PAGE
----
What thoughts do you have on this issue? How would you get people to perceive risks in a more objective manner? Do these subjective perceptions of risks unnecessarily cloud the picture, or do they touch on significant matters that an objective perception may miss? Let me know!



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Making the Case for a Greener World: Know Your Foe

By Karyn Pichnarczyk

WSJ - May 21 2011

Solar Powered Auto !

If you’re reading this blog, it’s likely that you believe that a greener world is both a better world and an achievable goal. There’s also many who aren’t convinced. This group includes local and national politicians, businesses, and investors, as well as your next door neighbor. Foster M Russell is famously quoted “There are three sides to every story: Yours, Mine, and The Facts”. It’s imperative to be aware of the issues raised by your opponents to enable you to address potential problem areas that might stifle our ability to help produce a greener world. In short: Know Your Foe.

Put yourself in your opponent’s mind: Why do they object to a greener world?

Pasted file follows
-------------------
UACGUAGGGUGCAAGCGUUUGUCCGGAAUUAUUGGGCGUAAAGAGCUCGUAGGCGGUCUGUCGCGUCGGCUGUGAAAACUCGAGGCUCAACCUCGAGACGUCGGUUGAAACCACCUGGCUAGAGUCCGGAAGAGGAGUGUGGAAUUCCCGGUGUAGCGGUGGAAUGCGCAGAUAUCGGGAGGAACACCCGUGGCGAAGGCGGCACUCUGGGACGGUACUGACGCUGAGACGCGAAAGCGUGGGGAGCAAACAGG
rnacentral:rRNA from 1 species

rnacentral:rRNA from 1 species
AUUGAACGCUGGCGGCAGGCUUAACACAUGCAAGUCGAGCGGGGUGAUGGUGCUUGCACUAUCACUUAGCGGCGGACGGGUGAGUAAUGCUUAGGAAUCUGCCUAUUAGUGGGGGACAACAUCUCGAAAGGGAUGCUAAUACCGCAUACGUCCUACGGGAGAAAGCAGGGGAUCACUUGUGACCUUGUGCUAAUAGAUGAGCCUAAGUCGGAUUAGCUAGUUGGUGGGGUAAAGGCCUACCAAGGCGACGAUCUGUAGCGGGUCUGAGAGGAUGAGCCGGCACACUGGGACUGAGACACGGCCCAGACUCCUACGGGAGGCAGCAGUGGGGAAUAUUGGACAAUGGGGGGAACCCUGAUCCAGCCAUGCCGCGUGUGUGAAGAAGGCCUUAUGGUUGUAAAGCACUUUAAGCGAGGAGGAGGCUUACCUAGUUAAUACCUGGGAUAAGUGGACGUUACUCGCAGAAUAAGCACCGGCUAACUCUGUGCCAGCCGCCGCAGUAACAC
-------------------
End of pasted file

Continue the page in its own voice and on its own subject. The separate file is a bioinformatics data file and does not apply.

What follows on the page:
There are a myriad of reasons; here’s a few that I have thought up.

A. Fear of the unknown.
People are comfortable using known methods of creating energy. Gas Stations abound for filling automobile tanks. Oil and/or natural gas is either piped directly to homes for heating or delivered transparently. Detractors state that compact fluorescent light bulbs cause health problems . Engineered Geothermic Systems (EGS) potentially can cause earthquakes  Wind Turbines have potentially dangerous moving parts; solar panels on homes need attention during snow storms, hydrogen fuel cels remind people of the Hindenberg, etc.

B. It’s not a problem.
Petroleum products are a well known commodity, they haven’t disappeared, and any shortages ever experienced were resolved to be methods to raise the price. Articles state that there’s enough undrilled oil to last 2000 years Noone’s ever “run out” of electricity for your home. After nuclear power disaster events, there’s still power to local homes and businesses. This is the “If it’s not broke, don’t fix it” mindset.

C. The cost is too high for the value received.
A GAO report stated that using Wind Turbines produced less than one tenth of one percent of the total energy in 2003. There’s a supposed shortage in silicon for solar panels. After you put money into the project, how many years before these new devices need to be demolished/replaced?

D. They really aren’t “green” after all.